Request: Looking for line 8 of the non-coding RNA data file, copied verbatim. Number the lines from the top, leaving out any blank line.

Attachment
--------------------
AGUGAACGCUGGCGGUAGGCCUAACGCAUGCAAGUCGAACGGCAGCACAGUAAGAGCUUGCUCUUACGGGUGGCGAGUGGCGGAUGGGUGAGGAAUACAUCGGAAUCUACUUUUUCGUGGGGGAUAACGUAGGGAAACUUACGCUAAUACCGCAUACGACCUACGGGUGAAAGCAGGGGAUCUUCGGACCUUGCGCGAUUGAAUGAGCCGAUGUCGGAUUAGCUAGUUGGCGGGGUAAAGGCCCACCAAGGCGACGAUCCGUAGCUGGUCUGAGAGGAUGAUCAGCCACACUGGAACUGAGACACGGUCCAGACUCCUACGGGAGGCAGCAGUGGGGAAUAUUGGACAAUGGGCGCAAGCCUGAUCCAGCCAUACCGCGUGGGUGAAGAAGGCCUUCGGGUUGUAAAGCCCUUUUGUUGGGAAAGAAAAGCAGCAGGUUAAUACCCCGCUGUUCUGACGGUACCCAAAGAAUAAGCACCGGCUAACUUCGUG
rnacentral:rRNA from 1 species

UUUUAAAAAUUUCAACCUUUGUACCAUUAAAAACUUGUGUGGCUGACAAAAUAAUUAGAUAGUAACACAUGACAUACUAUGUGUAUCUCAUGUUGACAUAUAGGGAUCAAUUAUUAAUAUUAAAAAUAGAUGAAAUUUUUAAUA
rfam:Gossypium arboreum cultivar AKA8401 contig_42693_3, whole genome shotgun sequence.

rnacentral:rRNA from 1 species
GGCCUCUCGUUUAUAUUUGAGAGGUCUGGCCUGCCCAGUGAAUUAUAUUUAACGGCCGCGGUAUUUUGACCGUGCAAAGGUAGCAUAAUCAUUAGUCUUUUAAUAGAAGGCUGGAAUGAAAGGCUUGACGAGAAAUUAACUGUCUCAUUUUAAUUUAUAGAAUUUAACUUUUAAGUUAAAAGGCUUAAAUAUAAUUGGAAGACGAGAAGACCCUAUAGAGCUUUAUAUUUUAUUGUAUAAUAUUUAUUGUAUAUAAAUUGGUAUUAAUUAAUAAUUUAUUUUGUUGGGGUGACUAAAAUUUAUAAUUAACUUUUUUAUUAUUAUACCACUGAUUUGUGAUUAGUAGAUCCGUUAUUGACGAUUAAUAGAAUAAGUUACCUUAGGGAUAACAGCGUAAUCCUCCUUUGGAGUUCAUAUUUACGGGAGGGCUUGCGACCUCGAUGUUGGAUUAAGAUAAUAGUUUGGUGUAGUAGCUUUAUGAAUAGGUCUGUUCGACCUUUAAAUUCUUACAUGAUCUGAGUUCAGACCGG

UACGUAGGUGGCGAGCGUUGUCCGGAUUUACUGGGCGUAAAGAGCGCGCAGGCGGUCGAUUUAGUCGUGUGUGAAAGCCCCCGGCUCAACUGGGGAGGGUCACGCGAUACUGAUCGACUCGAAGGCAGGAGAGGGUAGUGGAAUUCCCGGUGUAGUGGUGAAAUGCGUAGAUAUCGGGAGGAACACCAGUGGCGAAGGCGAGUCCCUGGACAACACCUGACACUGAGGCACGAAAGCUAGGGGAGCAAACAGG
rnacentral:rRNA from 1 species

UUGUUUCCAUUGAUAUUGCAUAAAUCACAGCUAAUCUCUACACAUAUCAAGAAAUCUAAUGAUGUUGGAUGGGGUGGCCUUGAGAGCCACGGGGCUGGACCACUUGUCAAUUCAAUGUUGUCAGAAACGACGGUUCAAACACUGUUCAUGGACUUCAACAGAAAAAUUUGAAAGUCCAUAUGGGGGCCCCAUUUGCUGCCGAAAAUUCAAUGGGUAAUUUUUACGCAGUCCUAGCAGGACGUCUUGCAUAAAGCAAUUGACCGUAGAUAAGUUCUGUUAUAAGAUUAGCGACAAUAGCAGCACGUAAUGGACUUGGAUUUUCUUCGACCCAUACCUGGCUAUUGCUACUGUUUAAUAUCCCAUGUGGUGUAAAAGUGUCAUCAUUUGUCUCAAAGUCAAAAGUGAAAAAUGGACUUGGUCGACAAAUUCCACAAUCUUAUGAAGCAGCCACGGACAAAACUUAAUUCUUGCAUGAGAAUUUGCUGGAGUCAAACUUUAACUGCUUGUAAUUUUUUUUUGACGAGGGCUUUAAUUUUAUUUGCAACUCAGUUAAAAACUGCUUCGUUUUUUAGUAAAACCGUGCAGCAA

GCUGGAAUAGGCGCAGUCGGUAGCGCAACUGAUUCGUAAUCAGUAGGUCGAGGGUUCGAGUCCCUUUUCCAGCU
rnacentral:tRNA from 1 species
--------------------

rnacentral:rRNA from 1 species